Ok, so what can we expect from Herr Starr in season three?
Pip: In season three he is desperately trying to get Jesse into a position where he can do his dirty work for him. The key really shifts for Starr in season three when we get to meet his boss, Allfather, who is the one person so far on the planet that Starr fears, however ludicrous that might seem given he seems to be a complete psychopath. Allfather is definitely a father figure and Starr is desperate to please him, even though he’s plotting something that Allfather doesn’t know about because Starr is always plotting. We get to see Starr more on his back foot, in a wheeler-dealer kind of way than he was and Jesse is kind of jousting with him because of that and it comes down to literally bare knuckles at the end. There is a terrific finale, I mean it builds to a truly explosive finale and to that end I’ve done stuff on this show that I’ve never done before and I think Dominic would say the same. It takes a while to build, you other characters that are part of the equation, The Saint of Killers is out there, he has an agenda, Satan appears and we need to know how to deal with him and of course Jesse’s Grandma. There are a lot of very powerful people who want a piece of Jesse in one form or another.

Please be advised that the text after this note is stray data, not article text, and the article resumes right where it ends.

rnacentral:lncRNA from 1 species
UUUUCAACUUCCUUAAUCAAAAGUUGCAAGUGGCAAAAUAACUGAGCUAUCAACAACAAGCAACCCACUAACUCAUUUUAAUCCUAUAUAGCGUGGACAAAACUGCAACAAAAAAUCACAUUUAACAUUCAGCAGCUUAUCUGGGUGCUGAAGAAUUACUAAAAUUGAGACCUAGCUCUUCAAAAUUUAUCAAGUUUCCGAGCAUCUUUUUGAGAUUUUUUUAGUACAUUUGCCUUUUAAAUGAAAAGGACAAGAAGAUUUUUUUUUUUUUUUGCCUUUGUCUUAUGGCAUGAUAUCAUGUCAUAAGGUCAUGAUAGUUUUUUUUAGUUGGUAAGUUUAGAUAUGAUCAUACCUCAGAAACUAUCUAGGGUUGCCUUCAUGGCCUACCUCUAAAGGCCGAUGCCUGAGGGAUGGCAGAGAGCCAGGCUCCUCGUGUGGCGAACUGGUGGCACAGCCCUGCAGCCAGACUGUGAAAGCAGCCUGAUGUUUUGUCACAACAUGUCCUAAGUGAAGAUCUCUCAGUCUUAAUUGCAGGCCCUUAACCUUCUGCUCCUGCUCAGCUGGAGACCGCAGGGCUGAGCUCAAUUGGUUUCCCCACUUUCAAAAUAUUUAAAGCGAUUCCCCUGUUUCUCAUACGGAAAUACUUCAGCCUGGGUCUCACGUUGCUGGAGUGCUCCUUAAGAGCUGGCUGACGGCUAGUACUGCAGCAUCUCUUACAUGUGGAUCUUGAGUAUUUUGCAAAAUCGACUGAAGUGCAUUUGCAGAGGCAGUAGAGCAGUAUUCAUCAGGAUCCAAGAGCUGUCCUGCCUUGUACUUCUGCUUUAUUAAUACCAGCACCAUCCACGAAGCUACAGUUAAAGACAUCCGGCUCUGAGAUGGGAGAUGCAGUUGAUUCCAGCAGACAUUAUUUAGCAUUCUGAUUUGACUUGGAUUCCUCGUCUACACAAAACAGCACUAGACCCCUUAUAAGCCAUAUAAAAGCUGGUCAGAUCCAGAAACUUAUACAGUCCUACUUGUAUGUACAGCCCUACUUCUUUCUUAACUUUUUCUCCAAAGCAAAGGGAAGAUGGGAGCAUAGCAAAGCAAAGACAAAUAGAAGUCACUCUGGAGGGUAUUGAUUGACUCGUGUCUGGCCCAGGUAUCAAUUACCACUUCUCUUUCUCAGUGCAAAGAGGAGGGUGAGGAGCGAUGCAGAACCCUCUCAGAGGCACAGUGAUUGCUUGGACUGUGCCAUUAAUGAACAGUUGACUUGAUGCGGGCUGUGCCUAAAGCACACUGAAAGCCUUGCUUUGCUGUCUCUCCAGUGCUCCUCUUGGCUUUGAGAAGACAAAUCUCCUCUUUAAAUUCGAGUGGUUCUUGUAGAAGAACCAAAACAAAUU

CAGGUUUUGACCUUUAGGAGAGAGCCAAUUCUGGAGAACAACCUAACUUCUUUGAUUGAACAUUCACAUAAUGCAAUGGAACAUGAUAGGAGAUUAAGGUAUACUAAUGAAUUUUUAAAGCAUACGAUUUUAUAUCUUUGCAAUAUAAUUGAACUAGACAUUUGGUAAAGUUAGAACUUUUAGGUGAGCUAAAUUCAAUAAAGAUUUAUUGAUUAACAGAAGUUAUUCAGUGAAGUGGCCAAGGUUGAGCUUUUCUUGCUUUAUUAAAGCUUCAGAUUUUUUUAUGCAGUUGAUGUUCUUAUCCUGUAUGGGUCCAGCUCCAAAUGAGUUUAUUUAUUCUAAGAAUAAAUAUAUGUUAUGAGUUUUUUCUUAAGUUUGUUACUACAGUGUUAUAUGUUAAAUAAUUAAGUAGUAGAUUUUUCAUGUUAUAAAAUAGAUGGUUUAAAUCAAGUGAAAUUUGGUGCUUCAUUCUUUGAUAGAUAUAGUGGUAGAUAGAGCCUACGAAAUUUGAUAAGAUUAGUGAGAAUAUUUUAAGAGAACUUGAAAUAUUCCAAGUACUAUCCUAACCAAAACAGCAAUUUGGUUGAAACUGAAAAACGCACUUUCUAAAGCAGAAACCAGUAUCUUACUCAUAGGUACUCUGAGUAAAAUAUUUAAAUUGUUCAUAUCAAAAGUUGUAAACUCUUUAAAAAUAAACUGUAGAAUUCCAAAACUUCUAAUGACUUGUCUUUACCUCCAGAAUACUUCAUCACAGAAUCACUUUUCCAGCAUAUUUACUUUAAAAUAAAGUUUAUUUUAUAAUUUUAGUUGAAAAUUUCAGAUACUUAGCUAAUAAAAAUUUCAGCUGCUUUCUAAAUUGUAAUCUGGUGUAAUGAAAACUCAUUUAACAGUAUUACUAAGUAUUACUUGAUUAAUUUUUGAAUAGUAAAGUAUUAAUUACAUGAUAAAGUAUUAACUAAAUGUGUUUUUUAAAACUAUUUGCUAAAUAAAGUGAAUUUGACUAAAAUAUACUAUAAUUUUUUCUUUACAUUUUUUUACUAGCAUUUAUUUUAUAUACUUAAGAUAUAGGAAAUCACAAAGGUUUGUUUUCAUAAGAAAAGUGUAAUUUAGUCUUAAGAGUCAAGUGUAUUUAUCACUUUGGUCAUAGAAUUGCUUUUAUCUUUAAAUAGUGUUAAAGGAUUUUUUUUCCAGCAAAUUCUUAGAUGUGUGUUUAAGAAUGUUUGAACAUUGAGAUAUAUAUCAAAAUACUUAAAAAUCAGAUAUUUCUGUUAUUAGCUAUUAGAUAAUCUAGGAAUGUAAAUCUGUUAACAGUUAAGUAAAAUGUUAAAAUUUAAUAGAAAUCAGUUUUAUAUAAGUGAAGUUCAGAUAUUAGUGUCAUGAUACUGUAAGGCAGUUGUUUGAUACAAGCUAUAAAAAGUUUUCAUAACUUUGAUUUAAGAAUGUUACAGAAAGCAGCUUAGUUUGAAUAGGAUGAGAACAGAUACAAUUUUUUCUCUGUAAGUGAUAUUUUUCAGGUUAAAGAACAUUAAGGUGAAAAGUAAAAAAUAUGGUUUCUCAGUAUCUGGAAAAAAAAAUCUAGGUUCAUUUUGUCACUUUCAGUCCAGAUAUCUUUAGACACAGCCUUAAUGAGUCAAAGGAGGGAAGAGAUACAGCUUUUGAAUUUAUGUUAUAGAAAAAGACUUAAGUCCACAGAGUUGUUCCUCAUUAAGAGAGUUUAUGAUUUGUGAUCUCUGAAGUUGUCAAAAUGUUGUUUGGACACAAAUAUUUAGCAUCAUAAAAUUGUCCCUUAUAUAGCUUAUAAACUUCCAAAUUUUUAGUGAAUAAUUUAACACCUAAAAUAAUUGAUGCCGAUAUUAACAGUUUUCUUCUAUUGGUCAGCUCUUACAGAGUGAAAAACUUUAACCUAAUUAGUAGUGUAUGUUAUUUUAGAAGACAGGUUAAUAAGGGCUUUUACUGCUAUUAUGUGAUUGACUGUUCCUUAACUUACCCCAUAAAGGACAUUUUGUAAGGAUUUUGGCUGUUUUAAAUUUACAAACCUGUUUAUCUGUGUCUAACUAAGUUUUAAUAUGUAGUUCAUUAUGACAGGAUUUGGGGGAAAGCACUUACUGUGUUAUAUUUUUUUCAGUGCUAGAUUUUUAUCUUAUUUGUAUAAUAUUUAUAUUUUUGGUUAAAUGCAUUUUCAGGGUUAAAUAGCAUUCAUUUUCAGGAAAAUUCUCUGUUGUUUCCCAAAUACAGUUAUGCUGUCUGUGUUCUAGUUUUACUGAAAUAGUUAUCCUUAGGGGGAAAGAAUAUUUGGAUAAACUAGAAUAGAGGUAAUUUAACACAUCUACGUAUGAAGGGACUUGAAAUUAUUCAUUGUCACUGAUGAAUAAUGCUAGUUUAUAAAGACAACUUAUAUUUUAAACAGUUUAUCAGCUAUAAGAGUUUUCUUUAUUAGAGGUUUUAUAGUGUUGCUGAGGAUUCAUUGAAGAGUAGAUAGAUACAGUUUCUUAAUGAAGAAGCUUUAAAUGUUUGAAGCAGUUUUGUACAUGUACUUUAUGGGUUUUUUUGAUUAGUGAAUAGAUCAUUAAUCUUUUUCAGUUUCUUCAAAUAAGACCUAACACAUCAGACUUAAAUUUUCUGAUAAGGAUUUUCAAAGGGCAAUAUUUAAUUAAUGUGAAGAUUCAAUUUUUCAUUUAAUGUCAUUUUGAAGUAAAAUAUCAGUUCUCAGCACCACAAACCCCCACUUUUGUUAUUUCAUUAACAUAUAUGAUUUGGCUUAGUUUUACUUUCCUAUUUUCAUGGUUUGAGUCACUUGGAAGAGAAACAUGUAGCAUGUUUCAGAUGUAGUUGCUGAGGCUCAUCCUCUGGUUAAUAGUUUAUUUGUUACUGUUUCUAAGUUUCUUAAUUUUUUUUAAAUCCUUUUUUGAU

I want to thank Pip for taking the time to talk with us
Season three of Preacher airs Sunday, June 24th at 9 pm on AMC